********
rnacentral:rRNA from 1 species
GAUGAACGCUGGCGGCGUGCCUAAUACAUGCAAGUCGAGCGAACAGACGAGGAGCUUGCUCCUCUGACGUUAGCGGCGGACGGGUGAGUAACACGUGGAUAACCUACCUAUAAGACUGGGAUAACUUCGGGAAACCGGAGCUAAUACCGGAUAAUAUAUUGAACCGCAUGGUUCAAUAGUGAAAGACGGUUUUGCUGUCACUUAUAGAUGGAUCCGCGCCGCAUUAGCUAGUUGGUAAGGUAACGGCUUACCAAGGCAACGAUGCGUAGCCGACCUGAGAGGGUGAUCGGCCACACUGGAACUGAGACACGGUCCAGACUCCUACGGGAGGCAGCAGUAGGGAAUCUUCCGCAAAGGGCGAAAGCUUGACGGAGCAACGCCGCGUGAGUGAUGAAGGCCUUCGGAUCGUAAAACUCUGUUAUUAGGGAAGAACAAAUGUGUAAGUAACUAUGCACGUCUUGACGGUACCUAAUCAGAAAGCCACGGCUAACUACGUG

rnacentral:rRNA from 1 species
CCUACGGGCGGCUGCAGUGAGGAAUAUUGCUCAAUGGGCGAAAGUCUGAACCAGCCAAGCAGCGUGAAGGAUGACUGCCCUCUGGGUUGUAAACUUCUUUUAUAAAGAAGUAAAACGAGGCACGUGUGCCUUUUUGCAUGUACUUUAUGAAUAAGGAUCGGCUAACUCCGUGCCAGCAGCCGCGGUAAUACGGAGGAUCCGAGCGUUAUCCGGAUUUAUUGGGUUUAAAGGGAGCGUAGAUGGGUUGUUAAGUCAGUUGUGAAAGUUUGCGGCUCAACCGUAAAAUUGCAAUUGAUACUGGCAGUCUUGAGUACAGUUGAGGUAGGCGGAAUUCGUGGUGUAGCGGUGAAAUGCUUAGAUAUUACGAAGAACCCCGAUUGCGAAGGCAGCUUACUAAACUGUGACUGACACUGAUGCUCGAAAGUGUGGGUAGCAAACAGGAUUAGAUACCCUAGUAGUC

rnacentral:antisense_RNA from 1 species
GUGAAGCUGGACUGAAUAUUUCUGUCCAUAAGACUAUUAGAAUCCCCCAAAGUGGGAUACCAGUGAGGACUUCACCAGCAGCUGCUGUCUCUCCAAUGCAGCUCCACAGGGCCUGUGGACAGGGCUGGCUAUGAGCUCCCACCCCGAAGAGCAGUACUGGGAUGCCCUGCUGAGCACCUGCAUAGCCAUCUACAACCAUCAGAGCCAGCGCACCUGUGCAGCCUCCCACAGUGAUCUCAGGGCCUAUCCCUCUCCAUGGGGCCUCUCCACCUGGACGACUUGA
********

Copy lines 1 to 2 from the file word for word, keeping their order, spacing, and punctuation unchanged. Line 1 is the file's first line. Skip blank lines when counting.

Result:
rnacentral:rRNA from 1 species
GAUGAACGCUGGCGGCGUGCCUAAUACAUGCAAGUCGAGCGAACAGACGAGGAGCUUGCUCCUCUGACGUUAGCGGCGGACGGGUGAGUAACACGUGGAUAACCUACCUAUAAGACUGGGAUAACUUCGGGAAACCGGAGCUAAUACCGGAUAAUAUAUUGAACCGCAUGGUUCAAUAGUGAAAGACGGUUUUGCUGUCACUUAUAGAUGGAUCCGCGCCGCAUUAGCUAGUUGGUAAGGUAACGGCUUACCAAGGCAACGAUGCGUAGCCGACCUGAGAGGGUGAUCGGCCACACUGGAACUGAGACACGGUCCAGACUCCUACGGGAGGCAGCAGUAGGGAAUCUUCCGCAAAGGGCGAAAGCUUGACGGAGCAACGCCGCGUGAGUGAUGAAGGCCUUCGGAUCGUAAAACUCUGUUAUUAGGGAAGAACAAAUGUGUAAGUAACUAUGCACGUCUUGACGGUACCUAAUCAGAAAGCCACGGCUAACUACGUG